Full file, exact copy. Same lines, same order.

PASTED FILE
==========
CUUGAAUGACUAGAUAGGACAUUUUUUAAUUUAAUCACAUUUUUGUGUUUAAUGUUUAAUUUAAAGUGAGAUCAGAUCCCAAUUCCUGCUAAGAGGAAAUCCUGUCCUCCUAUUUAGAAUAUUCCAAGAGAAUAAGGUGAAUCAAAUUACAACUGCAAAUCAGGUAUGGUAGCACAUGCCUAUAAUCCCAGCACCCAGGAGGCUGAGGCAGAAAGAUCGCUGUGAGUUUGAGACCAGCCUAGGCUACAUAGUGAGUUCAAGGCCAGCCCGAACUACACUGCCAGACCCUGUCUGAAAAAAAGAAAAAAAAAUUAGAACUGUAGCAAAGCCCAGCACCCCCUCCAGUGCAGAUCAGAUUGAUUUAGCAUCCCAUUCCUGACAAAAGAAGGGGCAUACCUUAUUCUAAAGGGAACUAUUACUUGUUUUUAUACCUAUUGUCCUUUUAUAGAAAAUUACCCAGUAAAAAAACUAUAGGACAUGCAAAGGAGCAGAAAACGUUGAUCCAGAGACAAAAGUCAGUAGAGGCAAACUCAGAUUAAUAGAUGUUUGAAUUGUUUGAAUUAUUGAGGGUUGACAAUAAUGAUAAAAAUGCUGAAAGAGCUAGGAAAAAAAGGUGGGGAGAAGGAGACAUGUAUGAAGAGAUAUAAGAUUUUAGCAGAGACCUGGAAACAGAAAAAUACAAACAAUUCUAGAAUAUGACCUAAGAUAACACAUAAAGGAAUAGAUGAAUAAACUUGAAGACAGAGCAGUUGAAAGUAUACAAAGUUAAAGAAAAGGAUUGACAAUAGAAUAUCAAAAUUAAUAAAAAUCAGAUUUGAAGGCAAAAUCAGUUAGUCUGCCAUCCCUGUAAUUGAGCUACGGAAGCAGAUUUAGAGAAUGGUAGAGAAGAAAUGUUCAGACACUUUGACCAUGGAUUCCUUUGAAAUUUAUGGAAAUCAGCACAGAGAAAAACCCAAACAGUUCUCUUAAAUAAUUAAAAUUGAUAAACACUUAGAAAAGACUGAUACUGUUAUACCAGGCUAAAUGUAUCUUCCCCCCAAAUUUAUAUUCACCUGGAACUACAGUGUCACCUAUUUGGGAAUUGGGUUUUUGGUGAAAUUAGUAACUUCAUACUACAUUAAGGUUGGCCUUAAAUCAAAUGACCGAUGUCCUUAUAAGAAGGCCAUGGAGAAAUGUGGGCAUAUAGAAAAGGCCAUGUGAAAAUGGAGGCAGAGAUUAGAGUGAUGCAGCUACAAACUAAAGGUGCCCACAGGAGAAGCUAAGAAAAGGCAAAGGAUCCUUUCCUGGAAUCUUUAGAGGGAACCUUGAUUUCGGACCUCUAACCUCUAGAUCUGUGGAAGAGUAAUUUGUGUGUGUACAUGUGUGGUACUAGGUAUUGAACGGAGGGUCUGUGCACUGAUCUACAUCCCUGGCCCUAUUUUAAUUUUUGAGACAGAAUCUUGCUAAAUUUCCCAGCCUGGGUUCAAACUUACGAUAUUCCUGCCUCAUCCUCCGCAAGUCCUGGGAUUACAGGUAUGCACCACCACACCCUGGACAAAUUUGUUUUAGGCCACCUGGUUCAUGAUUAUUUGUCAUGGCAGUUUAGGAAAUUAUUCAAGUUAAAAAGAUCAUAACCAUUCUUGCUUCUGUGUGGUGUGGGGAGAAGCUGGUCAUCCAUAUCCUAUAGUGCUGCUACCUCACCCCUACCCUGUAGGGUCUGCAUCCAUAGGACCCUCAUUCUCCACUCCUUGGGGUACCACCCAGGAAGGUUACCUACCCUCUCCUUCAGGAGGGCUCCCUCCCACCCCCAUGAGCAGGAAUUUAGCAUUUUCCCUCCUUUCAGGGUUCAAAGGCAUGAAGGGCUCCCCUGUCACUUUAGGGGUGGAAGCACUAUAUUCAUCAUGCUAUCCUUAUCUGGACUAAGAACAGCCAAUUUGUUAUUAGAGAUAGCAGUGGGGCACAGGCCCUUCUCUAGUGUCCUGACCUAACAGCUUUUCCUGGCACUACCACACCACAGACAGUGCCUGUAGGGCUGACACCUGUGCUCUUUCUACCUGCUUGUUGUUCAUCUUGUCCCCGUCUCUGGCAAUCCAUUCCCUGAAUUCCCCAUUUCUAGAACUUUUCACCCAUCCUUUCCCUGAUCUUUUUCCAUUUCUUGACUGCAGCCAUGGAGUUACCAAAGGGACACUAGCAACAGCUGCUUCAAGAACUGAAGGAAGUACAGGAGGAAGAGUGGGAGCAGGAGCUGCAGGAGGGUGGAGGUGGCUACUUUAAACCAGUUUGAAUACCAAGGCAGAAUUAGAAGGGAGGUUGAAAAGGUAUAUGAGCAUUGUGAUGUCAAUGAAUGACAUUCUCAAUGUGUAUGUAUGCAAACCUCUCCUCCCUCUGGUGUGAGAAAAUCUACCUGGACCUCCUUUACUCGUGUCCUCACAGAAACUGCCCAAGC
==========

CUUGAAUGACUAGAUAGGACAUUUUUUAAUUUAAUCACAUUUUUGUGUUUAAUGUUUAAUUUAAAGUGAGAUCAGAUCCCAAUUCCUGCUAAGAGGAAAUCCUGUCCUCCUAUUUAGAAUAUUCCAAGAGAAUAAGGUGAAUCAAAUUACAACUGCAAAUCAGGUAUGGUAGCACAUGCCUAUAAUCCCAGCACCCAGGAGGCUGAGGCAGAAAGAUCGCUGUGAGUUUGAGACCAGCCUAGGCUACAUAGUGAGUUCAAGGCCAGCCCGAACUACACUGCCAGACCCUGUCUGAAAAAAAGAAAAAAAAAUUAGAACUGUAGCAAAGCCCAGCACCCCCUCCAGUGCAGAUCAGAUUGAUUUAGCAUCCCAUUCCUGACAAAAGAAGGGGCAUACCUUAUUCUAAAGGGAACUAUUACUUGUUUUUAUACCUAUUGUCCUUUUAUAGAAAAUUACCCAGUAAAAAAACUAUAGGACAUGCAAAGGAGCAGAAAACGUUGAUCCAGAGACAAAAGUCAGUAGAGGCAAACUCAGAUUAAUAGAUGUUUGAAUUGUUUGAAUUAUUGAGGGUUGACAAUAAUGAUAAAAAUGCUGAAAGAGCUAGGAAAAAAAGGUGGGGAGAAGGAGACAUGUAUGAAGAGAUAUAAGAUUUUAGCAGAGACCUGGAAACAGAAAAAUACAAACAAUUCUAGAAUAUGACCUAAGAUAACACAUAAAGGAAUAGAUGAAUAAACUUGAAGACAGAGCAGUUGAAAGUAUACAAAGUUAAAGAAAAGGAUUGACAAUAGAAUAUCAAAAUUAAUAAAAAUCAGAUUUGAAGGCAAAAUCAGUUAGUCUGCCAUCCCUGUAAUUGAGCUACGGAAGCAGAUUUAGAGAAUGGUAGAGAAGAAAUGUUCAGACACUUUGACCAUGGAUUCCUUUGAAAUUUAUGGAAAUCAGCACAGAGAAAAACCCAAACAGUUCUCUUAAAUAAUUAAAAUUGAUAAACACUUAGAAAAGACUGAUACUGUUAUACCAGGCUAAAUGUAUCUUCCCCCCAAAUUUAUAUUCACCUGGAACUACAGUGUCACCUAUUUGGGAAUUGGGUUUUUGGUGAAAUUAGUAACUUCAUACUACAUUAAGGUUGGCCUUAAAUCAAAUGACCGAUGUCCUUAUAAGAAGGCCAUGGAGAAAUGUGGGCAUAUAGAAAAGGCCAUGUGAAAAUGGAGGCAGAGAUUAGAGUGAUGCAGCUACAAACUAAAGGUGCCCACAGGAGAAGCUAAGAAAAGGCAAAGGAUCCUUUCCUGGAAUCUUUAGAGGGAACCUUGAUUUCGGACCUCUAACCUCUAGAUCUGUGGAAGAGUAAUUUGUGUGUGUACAUGUGUGGUACUAGGUAUUGAACGGAGGGUCUGUGCACUGAUCUACAUCCCUGGCCCUAUUUUAAUUUUUGAGACAGAAUCUUGCUAAAUUUCCCAGCCUGGGUUCAAACUUACGAUAUUCCUGCCUCAUCCUCCGCAAGUCCUGGGAUUACAGGUAUGCACCACCACACCCUGGACAAAUUUGUUUUAGGCCACCUGGUUCAUGAUUAUUUGUCAUGGCAGUUUAGGAAAUUAUUCAAGUUAAAAAGAUCAUAACCAUUCUUGCUUCUGUGUGGUGUGGGGAGAAGCUGGUCAUCCAUAUCCUAUAGUGCUGCUACCUCACCCCUACCCUGUAGGGUCUGCAUCCAUAGGACCCUCAUUCUCCACUCCUUGGGGUACCACCCAGGAAGGUUACCUACCCUCUCCUUCAGGAGGGCUCCCUCCCACCCCCAUGAGCAGGAAUUUAGCAUUUUCCCUCCUUUCAGGGUUCAAAGGCAUGAAGGGCUCCCCUGUCACUUUAGGGGUGGAAGCACUAUAUUCAUCAUGCUAUCCUUAUCUGGACUAAGAACAGCCAAUUUGUUAUUAGAGAUAGCAGUGGGGCACAGGCCCUUCUCUAGUGUCCUGACCUAACAGCUUUUCCUGGCACUACCACACCACAGACAGUGCCUGUAGGGCUGACACCUGUGCUCUUUCUACCUGCUUGUUGUUCAUCUUGUCCCCGUCUCUGGCAAUCCAUUCCCUGAAUUCCCCAUUUCUAGAACUUUUCACCCAUCCUUUCCCUGAUCUUUUUCCAUUUCUUGACUGCAGCCAUGGAGUUACCAAAGGGACACUAGCAACAGCUGCUUCAAGAACUGAAGGAAGUACAGGAGGAAGAGUGGGAGCAGGAGCUGCAGGAGGGUGGAGGUGGCUACUUUAAACCAGUUUGAAUACCAAGGCAGAAUUAGAAGGGAGGUUGAAAAGGUAUAUGAGCAUUGUGAUGUCAAUGAAUGACAUUCUCAAUGUGUAUGUAUGCAAACCUCUCCUCCCUCUGGUGUGAGAAAAUCUACCUGGACCUCCUUUACUCGUGUCCUCACAGAAACUGCCCAAGC